Use acrylic patio paint for best results if you will be hiding your rocks outside. Adding a white layer before painting the color you want makes it pop.
Let each layer of paint dry before applying the next layer. You can find acrylic patio paints here.
A selection of various sized paint brushes will help you create the perfect look you are going for. Here’s a brush pack with a variety of sizes.
What pens are best for rock painting and writing words on stones?
Adding text with markers is easier than painting words. Through trial and error, I have found that Posca Markers work best for rock painting.
You can find them here. Make sure you look at the tip size before purchasing to make sure you have the right size.
More tools you can use to paint rocks:
This Fineline Applicator lets you control your artwork. You can find them here.
How do you seal your rocks?
This is one of the most important steps to rock painting. All that hard work that you put into your stone would be wasted with any type of moisture.
You want a seal that won’t curdle if the stones are subject to the outdoor weather. Here’s the sealant that I recommend Two thin coats works best.
How many have us have been guilty of not cleaning our brushes right away and throwing out a rarely used brush because of it? Soak your paintbrushes in this, and you’ll never have to do that again.
Where NOT to leave rocks:
Lawns or anywhere that a mower can run over it.
Leaving rocks in state or national parks are not allowed.
Anywhere that a person has to climb to get the rock.
In the middle of pathways where people can trip on them.
Businesses that don’t give you permission before “hiding” them there.
Anyone’s private property.
Tips on How to Paint Rocks:
Using a hair dryer can speed up the drying process.
Check Craigslist, Offerup and Freecycle.org to find free rocks.
Clean the nozzle on the seal spray can in between uses.
Place rock in a box in a well ventilated area before spraying.
Keep prepared rocks in your car, you never know when you might find the perfect place to hide one.
Take a photo of a hint of where you hid your rock and post to the Facebook group page.
Make sure you “hide” the rock someplace that it will be found – finding the rocks is the whole point of this movement.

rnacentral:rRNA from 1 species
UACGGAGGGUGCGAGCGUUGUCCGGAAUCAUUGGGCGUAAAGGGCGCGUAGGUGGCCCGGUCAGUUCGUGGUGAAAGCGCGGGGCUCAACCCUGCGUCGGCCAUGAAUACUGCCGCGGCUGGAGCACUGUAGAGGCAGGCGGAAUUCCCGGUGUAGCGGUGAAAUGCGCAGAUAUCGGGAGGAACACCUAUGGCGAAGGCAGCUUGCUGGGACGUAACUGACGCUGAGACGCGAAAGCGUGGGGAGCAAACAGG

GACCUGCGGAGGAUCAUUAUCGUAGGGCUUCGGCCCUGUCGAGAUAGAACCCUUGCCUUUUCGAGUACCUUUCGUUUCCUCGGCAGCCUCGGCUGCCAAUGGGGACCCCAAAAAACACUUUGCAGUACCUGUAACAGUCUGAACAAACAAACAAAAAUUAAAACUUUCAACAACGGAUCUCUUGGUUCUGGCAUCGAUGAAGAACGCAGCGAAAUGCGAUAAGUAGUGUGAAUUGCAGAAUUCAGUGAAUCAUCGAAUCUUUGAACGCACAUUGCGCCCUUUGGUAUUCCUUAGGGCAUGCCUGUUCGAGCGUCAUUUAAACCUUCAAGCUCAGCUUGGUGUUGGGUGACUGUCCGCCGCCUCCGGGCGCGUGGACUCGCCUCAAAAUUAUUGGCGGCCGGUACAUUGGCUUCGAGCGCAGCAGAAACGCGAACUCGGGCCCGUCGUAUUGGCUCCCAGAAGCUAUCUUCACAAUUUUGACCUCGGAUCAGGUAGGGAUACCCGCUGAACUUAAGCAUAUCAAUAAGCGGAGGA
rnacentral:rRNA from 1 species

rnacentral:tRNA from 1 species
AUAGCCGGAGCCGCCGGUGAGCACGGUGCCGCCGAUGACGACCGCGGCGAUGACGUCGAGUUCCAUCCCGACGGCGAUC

Placing rocks around businesses at night after they’re closed may trip the alarm.
On the back of every rock, let the “finder” know they can keep the rock or reside, but to post a picture of it on the local Facebook Group page before hiding again. You can write, “Keep or Hide. Post selfie picture to ________ Facebook Group.”
Ideas on where to hide your rocks:
1) One of the members of the Facebook group I belong to added a painted rock with his tip at a restaurant.
2) Nooks of trees.
3) Coffee stands. That’s where I found two of my rocks.
4) One person left a hot dog rock painting on a grill at a sports store.
5) At farm stands or farmer’s markets.
6) On top of a neighbor’s mailbox.
7) At your town’s visitor’s center.
8) Create a small “rock garden” in front of a store. Where I live, they have a galvanized bucket filled with sand and they allow to leave one rock and take one rock.
9) The check-out stand of grocery stores.
10) The playgrounds sets of schools.
11) Veterinary offices.
12) Gas station pumps.
13) Drive-thru windows of your favorite eatery.
14) Motivation rocks would compliment any gym.
15) You could leave cat and dog portrait rocks in pet stores.
16) Food related rocks could be left at various food festivals. Dog shows would be a perfect place to leave dog related rocks. How about rocks featuring musical instruments left at a symphony?
17) You can place the rocks flower pots of nurseries or flower shops (ask permission first!)
18) How about leaving some rocks at local hotels to show visitors to your area just how fun your town can be?
19) Someone knows how to add a little irony to a hiding place…they placed the rock in front of the spray paint cans!
20) One of the rock group members travels in an RV six months a year and leaves them behind at every campground they visit. Well-played RV’ers, well-played.
21) One of the Rockettes of St. John Parish Rocks has a son with brain cancer. She obtained permission to bring the painted rocks to the children’s hospital and hides them in cancer wing. This idea brings lots of smiles to the children who can’t get out and hunt for rocks. They also place rocks at schools for children of special needs and Veterans hospitals and nursing homes. LOVE THIS!
22) The Reedley CA group is expanding their painting and hiding participation in: After School Programs, day camps, Boys & Girls Clubs, church youth groups and even wine and cheese parties. They also started hiding rocks in their historic downtown area to encourage rock seekers to spend their money locally. Another idea they have is to put the rocks along a walking trail to encourage people to get out and exercise! Thanks Reedley for all these great tips!!